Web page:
The species is commonly known as Arizona nettlespurge or lomboy. These photos were taken of cultivated plants growing in Oahu, Hawaii, USA. Lomboy occurs natively in much of western Mexico (including Baja California) as well as Arizona.
I have spent many winters camped on the beaches of Baja California, and lomboy reminds me of the task of making campfires on these dry, remote beaches. Often, I would collect firewood with travelers who had newly arrived from the Pacific Northwest. These travelers, used to a seemingly endless supply of towering conifers, would hold their axes in limp bemusement, wondering how they would possibly find fuel for their campfire. I would gently prise the axe from their hands, explaining that they wouldn’t need such tools in the desert. Instead, they were to look for small, dead sticks that we would sparingly build our tiny fire with. While looking for these sticks, they were to avoid impaling themselves on a cactus, watch for rattlesnakes, and hope that none of the sticks they chose held a scorpion.
Once the travelers had come to terms with this new camping paradigm, we would set off into the brush. Invariably, one of the campers would soon let out a whoop, excited that they had come upon the motherload of brush–an entire large shrub that had died, perfect for our fire. I would find them pulling against a surprisingly rubbery branch of a Jatropha cinerea plant. Their clothing would be covered in a yellowish sap that would soon dry into blood-coloured stains, which no amount of scrubbing would ever remove.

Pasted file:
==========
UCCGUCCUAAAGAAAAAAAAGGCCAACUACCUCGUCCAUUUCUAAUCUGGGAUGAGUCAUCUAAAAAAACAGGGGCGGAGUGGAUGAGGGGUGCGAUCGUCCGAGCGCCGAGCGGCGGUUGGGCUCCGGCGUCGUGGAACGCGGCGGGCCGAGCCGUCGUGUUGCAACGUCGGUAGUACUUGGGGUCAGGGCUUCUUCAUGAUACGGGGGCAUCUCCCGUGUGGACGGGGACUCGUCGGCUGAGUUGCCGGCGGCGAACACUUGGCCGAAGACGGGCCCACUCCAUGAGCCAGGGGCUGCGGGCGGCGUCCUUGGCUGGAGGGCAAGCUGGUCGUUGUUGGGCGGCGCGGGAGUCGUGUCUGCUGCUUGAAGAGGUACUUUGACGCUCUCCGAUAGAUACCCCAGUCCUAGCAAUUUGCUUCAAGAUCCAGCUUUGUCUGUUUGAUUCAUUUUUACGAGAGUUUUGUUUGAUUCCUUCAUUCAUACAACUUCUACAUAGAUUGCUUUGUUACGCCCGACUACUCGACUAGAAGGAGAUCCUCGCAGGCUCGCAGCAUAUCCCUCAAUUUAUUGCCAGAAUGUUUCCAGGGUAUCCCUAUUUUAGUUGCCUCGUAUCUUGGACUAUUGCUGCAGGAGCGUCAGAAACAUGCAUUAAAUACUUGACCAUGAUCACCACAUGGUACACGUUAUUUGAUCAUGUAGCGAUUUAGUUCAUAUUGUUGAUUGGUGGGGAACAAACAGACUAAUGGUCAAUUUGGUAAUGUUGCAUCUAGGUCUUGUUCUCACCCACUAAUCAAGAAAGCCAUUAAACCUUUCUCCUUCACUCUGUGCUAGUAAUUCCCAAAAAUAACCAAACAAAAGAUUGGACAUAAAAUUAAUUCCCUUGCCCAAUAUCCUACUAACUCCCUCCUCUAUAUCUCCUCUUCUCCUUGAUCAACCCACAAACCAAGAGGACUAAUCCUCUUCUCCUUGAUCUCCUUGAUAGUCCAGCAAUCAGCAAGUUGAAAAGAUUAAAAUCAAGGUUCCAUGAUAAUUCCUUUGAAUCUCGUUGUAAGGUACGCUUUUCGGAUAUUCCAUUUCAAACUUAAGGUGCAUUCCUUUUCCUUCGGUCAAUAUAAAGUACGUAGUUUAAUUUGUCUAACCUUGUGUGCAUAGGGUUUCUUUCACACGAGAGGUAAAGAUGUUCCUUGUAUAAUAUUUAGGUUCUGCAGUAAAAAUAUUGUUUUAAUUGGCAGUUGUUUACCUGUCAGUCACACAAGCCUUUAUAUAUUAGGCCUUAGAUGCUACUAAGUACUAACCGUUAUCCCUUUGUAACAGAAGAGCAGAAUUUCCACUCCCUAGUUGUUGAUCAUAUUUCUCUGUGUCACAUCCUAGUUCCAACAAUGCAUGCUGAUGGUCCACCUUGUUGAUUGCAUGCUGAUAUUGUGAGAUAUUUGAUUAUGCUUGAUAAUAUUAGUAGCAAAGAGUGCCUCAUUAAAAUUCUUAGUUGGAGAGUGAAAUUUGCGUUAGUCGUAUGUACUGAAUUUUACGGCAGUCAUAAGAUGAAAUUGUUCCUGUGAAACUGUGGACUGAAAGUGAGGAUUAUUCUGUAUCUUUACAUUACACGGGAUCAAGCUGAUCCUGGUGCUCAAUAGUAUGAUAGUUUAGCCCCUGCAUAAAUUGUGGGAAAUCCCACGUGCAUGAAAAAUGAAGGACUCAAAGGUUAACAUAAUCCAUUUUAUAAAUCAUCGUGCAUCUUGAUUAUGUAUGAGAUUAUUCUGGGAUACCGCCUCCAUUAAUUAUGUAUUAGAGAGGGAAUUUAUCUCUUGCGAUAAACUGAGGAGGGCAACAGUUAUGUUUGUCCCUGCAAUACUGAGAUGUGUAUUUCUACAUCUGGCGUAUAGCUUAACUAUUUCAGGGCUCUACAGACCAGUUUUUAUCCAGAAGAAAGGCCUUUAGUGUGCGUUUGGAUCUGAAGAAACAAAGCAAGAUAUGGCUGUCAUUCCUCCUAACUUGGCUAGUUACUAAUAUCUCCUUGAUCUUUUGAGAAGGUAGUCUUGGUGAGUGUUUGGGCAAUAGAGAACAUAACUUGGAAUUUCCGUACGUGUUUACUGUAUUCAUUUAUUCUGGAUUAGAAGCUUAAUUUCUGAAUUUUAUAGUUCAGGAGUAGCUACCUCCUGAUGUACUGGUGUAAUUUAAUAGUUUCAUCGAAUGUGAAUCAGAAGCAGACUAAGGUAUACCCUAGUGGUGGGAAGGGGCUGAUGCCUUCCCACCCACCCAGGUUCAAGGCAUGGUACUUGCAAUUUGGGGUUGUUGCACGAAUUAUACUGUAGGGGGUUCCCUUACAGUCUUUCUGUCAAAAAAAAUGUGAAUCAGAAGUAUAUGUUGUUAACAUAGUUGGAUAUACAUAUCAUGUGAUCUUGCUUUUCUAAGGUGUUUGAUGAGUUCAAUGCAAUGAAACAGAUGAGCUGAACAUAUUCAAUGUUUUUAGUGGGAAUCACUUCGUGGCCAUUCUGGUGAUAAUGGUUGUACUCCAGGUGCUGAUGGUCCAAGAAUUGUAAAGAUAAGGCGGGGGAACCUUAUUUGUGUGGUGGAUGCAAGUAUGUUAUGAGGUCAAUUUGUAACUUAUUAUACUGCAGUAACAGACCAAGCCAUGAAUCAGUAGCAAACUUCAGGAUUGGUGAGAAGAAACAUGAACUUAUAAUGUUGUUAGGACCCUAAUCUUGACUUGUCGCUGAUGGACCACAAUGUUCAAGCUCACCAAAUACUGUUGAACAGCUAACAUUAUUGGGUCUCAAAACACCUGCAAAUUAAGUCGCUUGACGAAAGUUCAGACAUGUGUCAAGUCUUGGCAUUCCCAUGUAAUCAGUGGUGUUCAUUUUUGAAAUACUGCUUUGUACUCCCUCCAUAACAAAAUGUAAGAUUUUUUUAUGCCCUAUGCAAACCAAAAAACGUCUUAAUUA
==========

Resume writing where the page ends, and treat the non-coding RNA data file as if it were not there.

To the un-trained Cascadian, lomboy shrubs look dead much of the year. Like many of the Baja Californian flora, Jatropha cinerea is drought-deciduous; it can quickly sprout new leaves after a rain then drop them during a period of drought. During Baja California’s dry winters, lomboy is often leafless. The silvery-brown stems appear to forest-dwellers as long-dead, sun-bleached wood. Rather than being tinder-dry and campfire-ready, however, the stems are thick, succulent, and filled with a sap that can be used on minor wounds, abrasions, and chapped lips. The sap is also a powerful dye, if you are into the “blood-stained” look.
The Baja California Plant Field Guide describes Jatropha cinerea as a “widely-spreading, limber-branched bush to small tree, 1-7 m tall, with smooth, grayish to brownish bark. The slightly three-lobed to entire, grayish green leaves are 4-8 cm wide and nearly as long”. Today’s photo shows clusters of male flowers, which are found in compact clusters. The female flowers are solitary and, when fertilized, produce 2 or 3-lobed fruits in summer to early autumn.